I know for sure there are eight men in this image. Three are seated in the front, five are standing. The men all appear to be in the same relative age group, Caucasian and wearing the same style of suit. The three men in the front all have their hands in the same pose; on the tops of the their legs, while the men standing have they hands down at their sides. There are no identifying factors as to location or environment in the photograph. The back of the image has a label from Kalen's Picture Shop, in Trenton, NJ.
Second- Write everything you suspect about this image:
I suspect this a planned and posed group photo for their place of employment. Because there are no indications as to the type of company or business this is, I believe it was probably taken for internal purposes and not for marketing or advertising. This group could also be "higher-up" members of the company, based on the fact they are being photographed. For example, board members, chairmen, law firm partners, etc.
Third- Write the questions you have about the image at this first viewing:
My first question is about the three seated in the front. The man on the left appears to be shorter than the others- is this why he is seated? Or are the three have a higher significance than the standing men? Notably, the men are all not smiling. Is this to appear more serious, or just the trend at this time? As I wrote above, there are no identifying elements as to what type of group this is. That leaves the door open for the this gathering to not necessarily be an employment based group, but maybe a social one; such as Masons or social club members. However, I'd think if it were more of a social group, there would be some type of identifiers, such as signs, clothing or hats.
Student Comment:
This photograph of eight men feature politicians, most likely state representatives from New Jersey. These men would have traveled extensively to Washington DC, where this photo was purchased in 1988 at an antique store. As was this case with politicians for much of the early 20th century, there is little variation in terms of age, sex and race between the group of eight. The men posed for this photo in Trenton, the state capital, and the photograph was mounted and framed by Kalen's Picture and Frame Shop, a well-established company since the later part of the 19th century. This official portrait was intended as an official documentation of the group.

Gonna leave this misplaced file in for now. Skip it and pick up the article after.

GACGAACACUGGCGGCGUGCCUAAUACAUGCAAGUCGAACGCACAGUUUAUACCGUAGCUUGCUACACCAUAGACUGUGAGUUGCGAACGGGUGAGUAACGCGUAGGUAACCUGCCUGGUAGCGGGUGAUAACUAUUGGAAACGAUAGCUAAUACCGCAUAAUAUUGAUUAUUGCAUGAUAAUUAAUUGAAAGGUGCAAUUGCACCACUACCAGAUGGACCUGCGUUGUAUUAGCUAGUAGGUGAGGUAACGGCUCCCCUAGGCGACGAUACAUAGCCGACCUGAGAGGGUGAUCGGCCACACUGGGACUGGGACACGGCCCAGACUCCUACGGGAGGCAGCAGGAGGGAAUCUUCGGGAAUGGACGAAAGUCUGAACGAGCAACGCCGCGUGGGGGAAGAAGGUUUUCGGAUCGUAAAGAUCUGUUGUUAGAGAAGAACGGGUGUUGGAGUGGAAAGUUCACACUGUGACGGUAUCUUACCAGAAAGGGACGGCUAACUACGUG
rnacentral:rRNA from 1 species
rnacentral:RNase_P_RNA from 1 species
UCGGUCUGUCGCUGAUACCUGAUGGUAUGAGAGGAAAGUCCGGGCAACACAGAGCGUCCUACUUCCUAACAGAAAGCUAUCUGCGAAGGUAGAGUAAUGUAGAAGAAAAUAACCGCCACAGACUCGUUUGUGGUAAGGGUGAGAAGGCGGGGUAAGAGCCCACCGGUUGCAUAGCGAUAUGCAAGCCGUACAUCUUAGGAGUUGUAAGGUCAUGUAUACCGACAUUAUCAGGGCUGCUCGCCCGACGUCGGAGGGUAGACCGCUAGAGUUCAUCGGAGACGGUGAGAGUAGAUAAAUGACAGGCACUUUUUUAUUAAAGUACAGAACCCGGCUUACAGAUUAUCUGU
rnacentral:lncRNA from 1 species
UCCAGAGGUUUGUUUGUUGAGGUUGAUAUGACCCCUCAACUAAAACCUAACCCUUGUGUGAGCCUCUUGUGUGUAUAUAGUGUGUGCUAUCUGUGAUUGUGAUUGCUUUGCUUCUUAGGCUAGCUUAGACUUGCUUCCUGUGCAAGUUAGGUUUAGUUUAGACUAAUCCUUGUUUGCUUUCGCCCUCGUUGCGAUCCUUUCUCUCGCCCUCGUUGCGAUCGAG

Student Response:
Winslow Homer vs. Matthew Brady: A Lesson on Documenting the Civil War
The Civil War in the United States (1861-1865) saw a shift in the way it was presented to the American people. Notably, this was the first war to utilize photography to capture images. Also worth mentioning was the fact that artists captured daily life in war camps, as opposed to only depicting crucial battle scenes or regal portraits of notable military figures.
Homer Winslow and Matthew Brady were both working during the Civil War to document what they saw and present it to the public. Below are statements about each person followed by assumptions/suspicions, and then questions in regards to how their work can be interpreted.

Winslow Homer:
-An artist who started creating illustrations and then moved on to oil painting.
-From Massachusetts
-Was hired by the publication Harper’s Weekly and sent to battlefield camps to document what he saw on the front lines, for the American public to view in the magazine.
-Homer exhibited his Civil War illustrations and paintings at the National Academy of Design as fine art work, with some images selling to private individuals.
-Post Civil War, Homer continued to see commercial success as an artist, primarily with his land and seascape paintings.

Matthew Brady:
-A photographer who familiarized himself with the daguerreotype method of creating photographs; he trained other photographers who then worked for him.
-From New York